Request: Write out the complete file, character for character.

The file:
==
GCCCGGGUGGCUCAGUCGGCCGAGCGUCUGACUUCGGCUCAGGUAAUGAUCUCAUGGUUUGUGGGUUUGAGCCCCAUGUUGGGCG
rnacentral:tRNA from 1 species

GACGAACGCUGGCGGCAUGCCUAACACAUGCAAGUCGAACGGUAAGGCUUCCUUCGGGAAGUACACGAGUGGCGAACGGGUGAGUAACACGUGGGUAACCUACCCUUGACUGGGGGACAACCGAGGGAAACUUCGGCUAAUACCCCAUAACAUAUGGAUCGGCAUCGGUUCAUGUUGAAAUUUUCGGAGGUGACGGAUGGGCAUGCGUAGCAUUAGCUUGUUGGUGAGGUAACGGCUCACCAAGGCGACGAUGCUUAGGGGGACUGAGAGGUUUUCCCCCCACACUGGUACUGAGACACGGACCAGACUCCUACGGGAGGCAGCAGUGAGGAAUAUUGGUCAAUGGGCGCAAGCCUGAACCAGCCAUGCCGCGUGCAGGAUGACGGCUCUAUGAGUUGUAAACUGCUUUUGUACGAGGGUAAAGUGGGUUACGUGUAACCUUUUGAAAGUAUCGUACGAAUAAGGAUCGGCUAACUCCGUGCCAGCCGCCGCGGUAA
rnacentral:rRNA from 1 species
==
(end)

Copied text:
GCCCGGGUGGCUCAGUCGGCCGAGCGUCUGACUUCGGCUCAGGUAAUGAUCUCAUGGUUUGUGGGUUUGAGCCCCAUGUUGGGCG
rnacentral:tRNA from 1 species

GACGAACGCUGGCGGCAUGCCUAACACAUGCAAGUCGAACGGUAAGGCUUCCUUCGGGAAGUACACGAGUGGCGAACGGGUGAGUAACACGUGGGUAACCUACCCUUGACUGGGGGACAACCGAGGGAAACUUCGGCUAAUACCCCAUAACAUAUGGAUCGGCAUCGGUUCAUGUUGAAAUUUUCGGAGGUGACGGAUGGGCAUGCGUAGCAUUAGCUUGUUGGUGAGGUAACGGCUCACCAAGGCGACGAUGCUUAGGGGGACUGAGAGGUUUUCCCCCCACACUGGUACUGAGACACGGACCAGACUCCUACGGGAGGCAGCAGUGAGGAAUAUUGGUCAAUGGGCGCAAGCCUGAACCAGCCAUGCCGCGUGCAGGAUGACGGCUCUAUGAGUUGUAAACUGCUUUUGUACGAGGGUAAAGUGGGUUACGUGUAACCUUUUGAAAGUAUCGUACGAAUAAGGAUCGGCUAACUCCGUGCCAGCCGCCGCGGUAA
rnacentral:rRNA from 1 species